Teaching Commons’ program joins forces with University of Guelph

books on grass rustling pages

By Elaine Smith

Participants in the Teaching Commons’ Reading for Teaching program at York University got a glimpse of the commonalities and differences in teaching practice at another institution thanks to a collaboration with a similar group at the University of Guelph during the Fall 2023 term.

Scott McLaren
Scott McLaren
Lisa Endersby
Lisa Endersby

Reading for Teaching is an informal opportunity for colleagues from across campus who are interested in reading and talking about teaching. A type of book club that focuses on works dealing with pedagogy, the program is the brainchild of educational developer Lisa Endersby and teaching and learning librarian Scott McLaren.

The two started the group pre-pandemic in 2019, building on early iterations of a Teaching Commons Journal Club facilitated by Endersby, and it has been running in the fall and winter terms ever since.

Members read works, both fiction and non-fiction, related to teaching and meet monthly to discuss the ideas set forth in the reading and how they relate to each individual’s experiences in the classroom.

Earlier this year, Endersby discovered that educational development colleagues at the University of Guelph in the Office of Teaching & Learning ran a similar group, and she suggested collaborating. She and McLaren talked with the two Guelph group leaders – educational developers Jenn Reniers and Christie Stewart – and tested the waters this fall.

Jenn Reniers is on the left; Christie Stewart on the right
Jenn Reniers (left) and Christie Stewart (right).

“One of the strengths of the group is that it brings people together from across the University and allows discussion among people at all levels of the profession, from teaching assistants to tenured, full professors,” McLaren said. “By reaching out to another institution, it takes the group to another level, making it even more diverse.”

Their Guelph counterparts agreed.

“Within the university, context is important, and it’s interesting to talk to people from different contexts,” said Reniers. “Our two institutions are different, in terms of commuter students versus students who live in residence, size and programs offered. We were interested in continuing our own club while connecting with others from different contexts.”

Stewart added, “Many of the books we read were based on research from the United States. By talking with each other, it helped us work through whether the differences were due to a difference in our own university and theirs or if it reflects differences between post-secondary education in Canada and the U.S.”

The leaders met in August to consider how they could work together and still maintain the individuality of their programs. Since Guelph faculty meet bimonthly and York’s monthly, they decided to make introductions asynchronously at the start of the term and meet as a group at the end of the term, separately discussing the chosen book in the intervening months. The book they selected was Relationship Rich Education: How Human Connections Drive Success in College by Peter Felten and Leo M. Lambert (Johns Hopkins University Press, 2020).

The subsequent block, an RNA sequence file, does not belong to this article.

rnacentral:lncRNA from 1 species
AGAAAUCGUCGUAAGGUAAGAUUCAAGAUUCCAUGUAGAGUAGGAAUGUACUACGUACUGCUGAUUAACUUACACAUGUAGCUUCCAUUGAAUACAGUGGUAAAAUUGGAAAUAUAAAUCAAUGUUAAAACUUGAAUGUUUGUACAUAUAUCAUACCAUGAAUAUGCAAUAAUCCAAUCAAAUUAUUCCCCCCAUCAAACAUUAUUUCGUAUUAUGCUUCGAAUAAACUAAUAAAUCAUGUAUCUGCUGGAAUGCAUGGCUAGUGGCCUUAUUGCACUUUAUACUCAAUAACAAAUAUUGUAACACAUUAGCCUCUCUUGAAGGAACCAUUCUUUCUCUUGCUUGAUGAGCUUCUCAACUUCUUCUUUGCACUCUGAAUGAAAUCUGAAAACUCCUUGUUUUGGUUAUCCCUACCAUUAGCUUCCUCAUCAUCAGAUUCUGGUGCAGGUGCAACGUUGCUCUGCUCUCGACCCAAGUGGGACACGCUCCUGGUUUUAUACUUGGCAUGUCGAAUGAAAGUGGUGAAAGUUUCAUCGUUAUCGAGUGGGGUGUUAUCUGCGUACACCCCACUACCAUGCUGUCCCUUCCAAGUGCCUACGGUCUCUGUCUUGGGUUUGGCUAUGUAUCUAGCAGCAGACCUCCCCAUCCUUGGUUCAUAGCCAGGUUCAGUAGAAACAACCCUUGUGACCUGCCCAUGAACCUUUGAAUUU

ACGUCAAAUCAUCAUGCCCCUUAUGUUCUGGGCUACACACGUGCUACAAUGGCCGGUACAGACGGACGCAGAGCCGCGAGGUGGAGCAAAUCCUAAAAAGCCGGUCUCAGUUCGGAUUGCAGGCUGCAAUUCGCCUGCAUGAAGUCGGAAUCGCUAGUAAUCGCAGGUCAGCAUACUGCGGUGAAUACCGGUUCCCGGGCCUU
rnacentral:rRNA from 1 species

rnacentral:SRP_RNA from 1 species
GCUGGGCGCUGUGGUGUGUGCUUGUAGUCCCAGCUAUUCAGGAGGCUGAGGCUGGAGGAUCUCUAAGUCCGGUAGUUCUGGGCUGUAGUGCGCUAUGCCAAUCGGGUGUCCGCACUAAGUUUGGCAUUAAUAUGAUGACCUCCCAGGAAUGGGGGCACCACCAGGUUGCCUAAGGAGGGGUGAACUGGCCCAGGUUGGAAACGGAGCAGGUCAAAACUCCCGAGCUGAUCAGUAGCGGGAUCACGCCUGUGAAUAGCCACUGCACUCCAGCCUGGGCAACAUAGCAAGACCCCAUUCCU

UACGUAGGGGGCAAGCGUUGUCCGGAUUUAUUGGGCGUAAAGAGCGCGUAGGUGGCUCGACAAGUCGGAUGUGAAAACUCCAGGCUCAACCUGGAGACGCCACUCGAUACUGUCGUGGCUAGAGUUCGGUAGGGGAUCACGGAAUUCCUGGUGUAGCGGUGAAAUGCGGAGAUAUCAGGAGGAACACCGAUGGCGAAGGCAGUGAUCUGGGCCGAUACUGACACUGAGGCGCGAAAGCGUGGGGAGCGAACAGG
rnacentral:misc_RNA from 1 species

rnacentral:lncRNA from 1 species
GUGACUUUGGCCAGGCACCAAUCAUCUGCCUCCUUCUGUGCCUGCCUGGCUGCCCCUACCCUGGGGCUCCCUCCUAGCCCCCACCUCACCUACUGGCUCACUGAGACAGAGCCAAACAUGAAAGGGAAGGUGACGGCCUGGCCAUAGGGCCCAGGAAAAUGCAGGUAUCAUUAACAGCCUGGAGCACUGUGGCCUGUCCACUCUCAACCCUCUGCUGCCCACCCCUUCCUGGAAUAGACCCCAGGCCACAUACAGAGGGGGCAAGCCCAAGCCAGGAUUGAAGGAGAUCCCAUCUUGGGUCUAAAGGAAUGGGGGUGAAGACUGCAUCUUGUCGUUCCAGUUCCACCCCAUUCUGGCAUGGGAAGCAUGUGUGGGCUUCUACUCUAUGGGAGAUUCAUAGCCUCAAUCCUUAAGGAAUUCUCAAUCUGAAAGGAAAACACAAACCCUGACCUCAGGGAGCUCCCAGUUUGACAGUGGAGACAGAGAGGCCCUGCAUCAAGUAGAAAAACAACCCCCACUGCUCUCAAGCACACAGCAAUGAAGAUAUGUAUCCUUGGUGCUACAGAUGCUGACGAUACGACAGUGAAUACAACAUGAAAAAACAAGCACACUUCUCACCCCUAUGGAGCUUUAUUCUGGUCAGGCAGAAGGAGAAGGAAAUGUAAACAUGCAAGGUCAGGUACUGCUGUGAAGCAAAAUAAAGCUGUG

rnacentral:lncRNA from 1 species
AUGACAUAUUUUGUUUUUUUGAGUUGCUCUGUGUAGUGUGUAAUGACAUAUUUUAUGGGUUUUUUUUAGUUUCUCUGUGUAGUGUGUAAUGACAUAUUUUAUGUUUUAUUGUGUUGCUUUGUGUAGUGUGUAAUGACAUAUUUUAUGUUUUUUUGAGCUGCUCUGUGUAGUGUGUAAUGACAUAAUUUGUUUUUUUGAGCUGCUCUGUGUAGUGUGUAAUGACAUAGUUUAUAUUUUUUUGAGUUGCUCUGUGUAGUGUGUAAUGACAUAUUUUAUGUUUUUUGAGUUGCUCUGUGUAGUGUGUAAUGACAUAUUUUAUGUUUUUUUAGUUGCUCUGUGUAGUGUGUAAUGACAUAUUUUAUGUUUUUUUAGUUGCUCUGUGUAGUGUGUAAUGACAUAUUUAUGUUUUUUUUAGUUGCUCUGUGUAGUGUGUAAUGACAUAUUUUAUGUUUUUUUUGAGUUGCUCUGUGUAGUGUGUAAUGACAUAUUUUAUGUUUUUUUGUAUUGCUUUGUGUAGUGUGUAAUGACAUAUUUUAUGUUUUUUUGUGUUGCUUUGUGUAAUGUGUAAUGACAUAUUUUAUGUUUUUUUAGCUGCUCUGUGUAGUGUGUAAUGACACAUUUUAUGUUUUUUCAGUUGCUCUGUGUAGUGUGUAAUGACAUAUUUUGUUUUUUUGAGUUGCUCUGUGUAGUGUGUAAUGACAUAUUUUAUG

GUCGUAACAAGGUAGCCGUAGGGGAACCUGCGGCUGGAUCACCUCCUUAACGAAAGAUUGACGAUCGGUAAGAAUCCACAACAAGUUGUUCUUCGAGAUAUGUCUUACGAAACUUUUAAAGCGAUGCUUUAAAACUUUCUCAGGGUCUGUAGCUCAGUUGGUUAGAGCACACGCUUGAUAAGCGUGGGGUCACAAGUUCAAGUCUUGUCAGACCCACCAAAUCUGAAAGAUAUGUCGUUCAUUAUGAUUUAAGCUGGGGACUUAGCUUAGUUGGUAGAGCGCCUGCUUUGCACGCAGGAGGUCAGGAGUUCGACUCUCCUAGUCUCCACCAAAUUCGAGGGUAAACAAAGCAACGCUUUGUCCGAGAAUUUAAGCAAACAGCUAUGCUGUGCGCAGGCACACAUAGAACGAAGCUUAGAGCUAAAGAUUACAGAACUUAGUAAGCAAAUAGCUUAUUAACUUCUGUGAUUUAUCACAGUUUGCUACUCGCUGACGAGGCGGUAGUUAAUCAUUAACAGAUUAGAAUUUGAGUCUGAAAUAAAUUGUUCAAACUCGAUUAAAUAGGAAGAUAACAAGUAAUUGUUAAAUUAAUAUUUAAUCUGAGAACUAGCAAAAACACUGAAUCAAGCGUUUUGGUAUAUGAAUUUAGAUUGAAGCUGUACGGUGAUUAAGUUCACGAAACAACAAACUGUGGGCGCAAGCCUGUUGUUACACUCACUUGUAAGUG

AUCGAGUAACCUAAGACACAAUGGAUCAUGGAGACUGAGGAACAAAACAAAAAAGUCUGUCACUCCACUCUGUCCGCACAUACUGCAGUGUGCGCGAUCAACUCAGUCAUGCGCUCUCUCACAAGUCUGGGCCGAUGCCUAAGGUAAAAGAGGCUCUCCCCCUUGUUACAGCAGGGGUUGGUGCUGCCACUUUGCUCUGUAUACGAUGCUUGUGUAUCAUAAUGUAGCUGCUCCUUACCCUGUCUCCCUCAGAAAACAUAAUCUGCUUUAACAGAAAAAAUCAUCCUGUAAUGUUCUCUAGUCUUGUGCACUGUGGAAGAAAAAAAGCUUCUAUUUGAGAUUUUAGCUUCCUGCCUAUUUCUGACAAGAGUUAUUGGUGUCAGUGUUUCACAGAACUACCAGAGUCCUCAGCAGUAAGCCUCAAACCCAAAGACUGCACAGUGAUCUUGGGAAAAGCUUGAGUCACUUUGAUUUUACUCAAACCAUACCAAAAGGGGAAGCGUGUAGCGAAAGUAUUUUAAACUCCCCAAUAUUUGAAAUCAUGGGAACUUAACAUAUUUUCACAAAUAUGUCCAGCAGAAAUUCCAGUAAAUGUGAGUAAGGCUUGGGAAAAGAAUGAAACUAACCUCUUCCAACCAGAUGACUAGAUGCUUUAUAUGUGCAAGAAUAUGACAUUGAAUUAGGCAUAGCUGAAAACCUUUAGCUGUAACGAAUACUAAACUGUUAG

“There are a lot of institutional structures that can facilitate or hinder connection,” McLaren said. “It’s interesting to talk about this across different universities and discuss what works and what doesn’t.”

The leaders of each group maintained a strict “whatever is said in the group stays in the group” policy to encourage openness and honesty and allow people to drop their guards when they met unfamiliar colleagues.

“In a group like this, you come face-to-face virtually with people you wouldn’t ordinarily meet and you don’t want to worry that you might be sitting across from them in a meeting,” McLaren said.

In September, the two groups used Padlet, a virtual bulletin board software, to introduce themselves to each other individually. Throughout the term, participants were able to post comments about the readings, although the groups met separately.

“Throughout the term, we updated each other about the conversations that were taking place,” said Stewart of the leaders.

The leaders also met to arrange December’s online joint session, creating reflection questions and planning for breakout sessions, as well as a large group discussion. The December gathering featured discussions about such topics as the impact of having a third space besides the classroom or home to meet and how to create a welcoming environment in large classes, even if one-on-one connections weren’t possible.

“It was very useful,” Stewart said. “I wasn’t sure what to expect when bringing in others after 12 weeks of building our own bonds, but I didn’t find reluctance. People were willing to contribute, and it offered validation of their experiences by people at another institution.”

Endersby agreed.

“Despite our sense of working in a York bubble, the Guelph participants felt the same way about some of the challenges and opportunities inherent in relationship-rich education. It was affirming for me.”

York’s Reading for Teaching program begins its winter term program on Jan. 16. For more information and to register your participation, complete the registration form.